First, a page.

Links can be generated with /rnode if the web server relies ONLY on relative links and does not use any absolute links. Some web servers that are known to work with /rnode are:


The view.html.erb HTML template has access to Bootstrap 3 and Font Awesome allowing any stylistic pizzazz to be added to it.

For example, to make a link that appears as a button with an icon in it, you can do:

<a href="#" class="btn btn-primary">
  <i class="fa fa-eye"></i> Connect to My App

All stylization is handled through the HTML class global attribute using predefined Bootstrap and Font Awesome classes.


The simplest example of a view.html.erb consists of just a plain link to the backend running web server using the Open OnDemand reverse proxy:

<a href="/node/<%= host %>/<%= port %>/">Click me!</a>

where host and port are rendered using the interactive session’s connection information.


It is not safe to submit password in a GET request as this can appear in logs. It is recommended to use a POST request if available, see below.

POST Password

For some Interactive Apps you may want a single click solution that not only connects the user to the backend web server but also logs them in with the generated session password. This may be possible depending on the web server you use.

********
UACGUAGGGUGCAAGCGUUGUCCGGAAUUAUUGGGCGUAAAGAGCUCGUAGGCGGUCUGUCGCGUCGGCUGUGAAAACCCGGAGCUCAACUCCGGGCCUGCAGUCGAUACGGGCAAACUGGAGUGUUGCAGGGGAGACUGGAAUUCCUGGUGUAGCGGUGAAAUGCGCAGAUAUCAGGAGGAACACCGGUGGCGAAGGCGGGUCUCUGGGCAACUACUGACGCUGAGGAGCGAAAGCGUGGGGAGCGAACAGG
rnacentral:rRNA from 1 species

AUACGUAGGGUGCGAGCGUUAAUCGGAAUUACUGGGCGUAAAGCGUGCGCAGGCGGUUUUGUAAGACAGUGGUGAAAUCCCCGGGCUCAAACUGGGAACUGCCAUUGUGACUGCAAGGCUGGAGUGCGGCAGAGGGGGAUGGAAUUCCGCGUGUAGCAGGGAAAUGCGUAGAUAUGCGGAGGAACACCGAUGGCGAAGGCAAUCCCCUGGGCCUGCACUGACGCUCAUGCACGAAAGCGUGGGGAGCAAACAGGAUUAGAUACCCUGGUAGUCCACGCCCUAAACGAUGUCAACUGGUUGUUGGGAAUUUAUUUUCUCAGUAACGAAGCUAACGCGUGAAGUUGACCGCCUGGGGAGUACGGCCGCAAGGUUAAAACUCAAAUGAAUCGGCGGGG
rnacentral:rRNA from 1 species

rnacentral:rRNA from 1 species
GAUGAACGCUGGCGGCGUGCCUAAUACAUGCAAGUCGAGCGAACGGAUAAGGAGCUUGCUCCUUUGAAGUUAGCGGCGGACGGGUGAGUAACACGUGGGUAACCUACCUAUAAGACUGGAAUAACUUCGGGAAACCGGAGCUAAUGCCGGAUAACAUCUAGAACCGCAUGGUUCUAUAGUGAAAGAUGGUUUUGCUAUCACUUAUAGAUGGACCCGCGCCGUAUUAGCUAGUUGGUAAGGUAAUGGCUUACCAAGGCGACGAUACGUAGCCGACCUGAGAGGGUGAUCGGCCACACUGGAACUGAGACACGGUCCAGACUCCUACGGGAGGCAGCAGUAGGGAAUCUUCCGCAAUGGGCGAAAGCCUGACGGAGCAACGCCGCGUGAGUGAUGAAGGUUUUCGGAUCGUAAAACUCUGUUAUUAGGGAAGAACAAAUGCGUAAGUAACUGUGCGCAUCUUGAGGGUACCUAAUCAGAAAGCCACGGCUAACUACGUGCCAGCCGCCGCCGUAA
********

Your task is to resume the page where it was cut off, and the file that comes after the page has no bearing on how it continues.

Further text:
For the case of a Jupyter Notebook server we can create a button that submits a form with the password included in it to the Jupyter server’s login page.

<form action="/node/<%= host %>/<%= port %>/login" method="post">
  <input type="hidden" name="password" value="<%= password %>">
  <button class="btn btn-primary" type="submit">
    <i class="fa fa-eye"></i> Connect to Jupyter

In this example, the password is stored in a hidden input field that the user doesn’t see and it gets communicated to the Jupyter server in the POST request.

Adding Native VNC instructions to the panel

Your site may wish to provide users with instructions on how to connect to interactive jobs with native VNC tools instead of connecting through the browser. To enable this feature configure the dashboard with ENABLE_NATIVE_VNC=true in the dashboard’s environment file /etc/ood/config/apps/dashboard/env.

Enabling this will provide generic instructions for the user to create an ssh tunnel a host. If you wish to specify the host users should tunnel to (a well known login host for example) use the OOD_NATIVE_VNC_LOGIN_HOST configuration in the same environment file.

You can also create your own instructions for major OS platforms. You can create _native_vnc_{windows,mac,linux}.html.erb files and place them in /etc/ood/config/apps/dashboard/views/batch_connect/sessions/connections/ directory to override the default instructions for a given platform.

These file are eRuby (Embedded Ruby) extensions and so here are some useful variables and objects you may need to create helpful instructions. You can also refer to the original files for help in creating new panels.


The OOD_NATIVE_VNC_LOGIN_HOST configuration if given.

The compute node host the interactive job is on


The compute node port the interactive job has opened


The VNC password for the interactive job


The USER environment variable